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Rinker steps down from Health System

Gwinnett Health System Inc. CEO Frank Rinker stepped down earlier this week, but with no official reason for his departure.

Rinker, who turns 60 later this year, declined to explain his decision until he and the nonprofit health care network work out the retirement clauses in his contract. Paula Martin, Gwinnett Health System spokeswoman, said Rinker's health is fine and played no role in his choice to leave.

Rinker, who makes $350,000, has overseen the nonprofit's growth for 20 years and would have led its $225 million capital improvement project, including additional space at Gwinnett Medical Center, new equipment and new technology. For now, a management team of Gwinnett Health System executives is making the day-to-day decisions.

The nonprofit's mounting debt and a nearly $100 million funding shortfall prevented it from financing the new building plans on its own, and that prompted the county leaders to step in. Gwinnett County formed a task force of business and community leaders in 2004 to look at the nonprofit's challenges, and at times some members had criticisms over the nonprofit's financial losses several years ago with Promina, a doctors group. The system is no longer part of Promina and cleared about $29 million in revenue after expenses 2004.

A search for Rinker's replacement could take up to nine months.

Gladiators increase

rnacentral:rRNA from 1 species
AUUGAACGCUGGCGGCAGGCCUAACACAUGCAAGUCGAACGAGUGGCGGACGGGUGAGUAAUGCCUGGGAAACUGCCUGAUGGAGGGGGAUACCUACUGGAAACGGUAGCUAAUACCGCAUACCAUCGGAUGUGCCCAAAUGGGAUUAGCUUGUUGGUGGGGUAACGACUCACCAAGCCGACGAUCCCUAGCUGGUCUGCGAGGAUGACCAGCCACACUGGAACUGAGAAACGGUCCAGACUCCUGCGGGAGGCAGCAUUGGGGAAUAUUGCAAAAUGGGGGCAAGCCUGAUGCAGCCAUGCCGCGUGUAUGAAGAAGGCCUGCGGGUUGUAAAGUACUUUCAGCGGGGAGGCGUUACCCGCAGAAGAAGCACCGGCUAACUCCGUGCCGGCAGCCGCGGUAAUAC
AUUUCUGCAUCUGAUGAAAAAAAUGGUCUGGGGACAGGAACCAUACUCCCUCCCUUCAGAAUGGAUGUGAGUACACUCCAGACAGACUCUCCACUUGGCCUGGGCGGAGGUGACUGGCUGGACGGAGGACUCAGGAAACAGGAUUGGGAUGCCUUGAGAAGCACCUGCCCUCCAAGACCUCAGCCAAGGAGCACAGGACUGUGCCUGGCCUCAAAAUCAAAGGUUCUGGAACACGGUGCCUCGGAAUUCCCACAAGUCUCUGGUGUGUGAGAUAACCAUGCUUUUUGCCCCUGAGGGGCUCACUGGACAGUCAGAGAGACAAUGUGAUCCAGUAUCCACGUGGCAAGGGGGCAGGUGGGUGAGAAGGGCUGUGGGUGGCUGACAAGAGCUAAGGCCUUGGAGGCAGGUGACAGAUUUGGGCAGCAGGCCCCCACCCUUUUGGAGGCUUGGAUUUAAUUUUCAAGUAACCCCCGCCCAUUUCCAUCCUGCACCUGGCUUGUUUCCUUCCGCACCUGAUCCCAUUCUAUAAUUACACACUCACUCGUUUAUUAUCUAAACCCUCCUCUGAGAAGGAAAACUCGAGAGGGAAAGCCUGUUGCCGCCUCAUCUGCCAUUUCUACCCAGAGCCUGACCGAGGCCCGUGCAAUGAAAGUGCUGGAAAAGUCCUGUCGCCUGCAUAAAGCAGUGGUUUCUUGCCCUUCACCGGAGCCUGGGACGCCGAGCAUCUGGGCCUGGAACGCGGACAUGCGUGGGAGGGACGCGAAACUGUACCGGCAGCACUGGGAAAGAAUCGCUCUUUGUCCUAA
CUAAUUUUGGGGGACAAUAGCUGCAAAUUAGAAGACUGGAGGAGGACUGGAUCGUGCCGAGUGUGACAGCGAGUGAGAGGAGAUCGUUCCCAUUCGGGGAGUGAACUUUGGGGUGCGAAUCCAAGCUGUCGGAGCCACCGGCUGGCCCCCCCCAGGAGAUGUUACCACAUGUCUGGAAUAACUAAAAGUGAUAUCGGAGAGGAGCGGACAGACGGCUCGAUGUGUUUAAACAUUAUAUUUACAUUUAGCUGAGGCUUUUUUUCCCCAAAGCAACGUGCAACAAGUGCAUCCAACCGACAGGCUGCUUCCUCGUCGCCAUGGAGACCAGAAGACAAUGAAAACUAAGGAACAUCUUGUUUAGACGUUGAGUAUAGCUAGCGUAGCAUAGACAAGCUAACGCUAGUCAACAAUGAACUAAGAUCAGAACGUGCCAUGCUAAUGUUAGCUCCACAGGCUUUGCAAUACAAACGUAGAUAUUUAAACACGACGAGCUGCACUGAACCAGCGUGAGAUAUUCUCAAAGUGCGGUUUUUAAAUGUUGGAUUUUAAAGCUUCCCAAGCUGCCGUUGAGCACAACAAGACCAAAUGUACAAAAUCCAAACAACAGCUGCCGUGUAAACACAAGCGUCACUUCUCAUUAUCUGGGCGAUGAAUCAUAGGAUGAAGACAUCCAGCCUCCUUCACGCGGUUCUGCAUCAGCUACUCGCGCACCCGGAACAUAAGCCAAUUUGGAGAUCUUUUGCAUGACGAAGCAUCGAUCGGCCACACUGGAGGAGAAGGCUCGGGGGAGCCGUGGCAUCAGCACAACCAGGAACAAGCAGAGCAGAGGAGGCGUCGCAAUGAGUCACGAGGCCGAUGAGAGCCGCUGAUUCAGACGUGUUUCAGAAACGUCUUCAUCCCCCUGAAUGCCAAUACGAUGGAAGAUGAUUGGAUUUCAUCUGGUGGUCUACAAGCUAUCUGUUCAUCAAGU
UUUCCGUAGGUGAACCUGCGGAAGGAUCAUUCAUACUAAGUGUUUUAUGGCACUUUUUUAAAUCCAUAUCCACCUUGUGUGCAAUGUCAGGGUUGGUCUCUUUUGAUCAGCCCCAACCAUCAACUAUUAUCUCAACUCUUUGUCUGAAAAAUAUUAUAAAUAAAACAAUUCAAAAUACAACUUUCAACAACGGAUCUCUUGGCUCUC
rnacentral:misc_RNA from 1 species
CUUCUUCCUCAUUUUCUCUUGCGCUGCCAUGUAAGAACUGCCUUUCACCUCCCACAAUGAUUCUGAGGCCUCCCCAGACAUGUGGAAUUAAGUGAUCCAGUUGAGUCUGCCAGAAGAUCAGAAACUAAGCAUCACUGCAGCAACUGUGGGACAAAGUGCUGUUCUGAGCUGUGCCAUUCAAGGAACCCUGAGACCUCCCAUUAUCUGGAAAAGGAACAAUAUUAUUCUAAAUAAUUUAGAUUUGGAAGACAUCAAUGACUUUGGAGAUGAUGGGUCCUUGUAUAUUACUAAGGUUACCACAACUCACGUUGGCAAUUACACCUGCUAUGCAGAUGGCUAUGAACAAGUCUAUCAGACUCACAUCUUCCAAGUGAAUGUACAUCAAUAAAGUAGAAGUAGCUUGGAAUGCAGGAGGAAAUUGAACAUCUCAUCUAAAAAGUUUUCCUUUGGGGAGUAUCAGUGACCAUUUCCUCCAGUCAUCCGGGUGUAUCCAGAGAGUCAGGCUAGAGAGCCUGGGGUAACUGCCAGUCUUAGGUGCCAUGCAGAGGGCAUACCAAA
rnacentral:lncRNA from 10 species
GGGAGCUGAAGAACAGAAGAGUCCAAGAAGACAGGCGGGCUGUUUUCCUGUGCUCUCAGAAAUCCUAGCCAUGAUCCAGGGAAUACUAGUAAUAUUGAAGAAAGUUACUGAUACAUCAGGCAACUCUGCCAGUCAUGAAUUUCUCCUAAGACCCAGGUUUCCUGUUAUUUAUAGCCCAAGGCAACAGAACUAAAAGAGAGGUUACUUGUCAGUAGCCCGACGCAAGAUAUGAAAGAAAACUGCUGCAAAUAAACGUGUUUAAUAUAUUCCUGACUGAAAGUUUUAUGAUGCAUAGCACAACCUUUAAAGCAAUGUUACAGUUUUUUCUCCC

attendance

Their hockey season ended this week, but the Gwinnett Gladiators not only made the playoffs for the second year in a row, they won plenty of points at the ticket booth. The Gladiators turned in the largest increase in attendance of any team in the league - 17 percent. They averaged 6,045 in attendance in 2005, the second best mark in ECHL.

Wayne Farms to reopen Hall County office

Wayne Farms LLC said it's showing its commitment to Oakwood and Hall County.

After a fire severely damaged its Hall County plant two years ago, Wayne Farms said it will officially open a new office at the site Monday. The poultry production operation said the reconstruction of the fire-damaged plant, the revamped office and a new information management program to be unveiled at the plant proves Wayne Farms wants to maintain its investment in the community.

Wayne Farms is the sixth-largest poultry producer in the United States, with annual sales exceeding $1 billion.

Doug Sams can be reached via e-mail at doug.sams@gwinnettdailypost.com.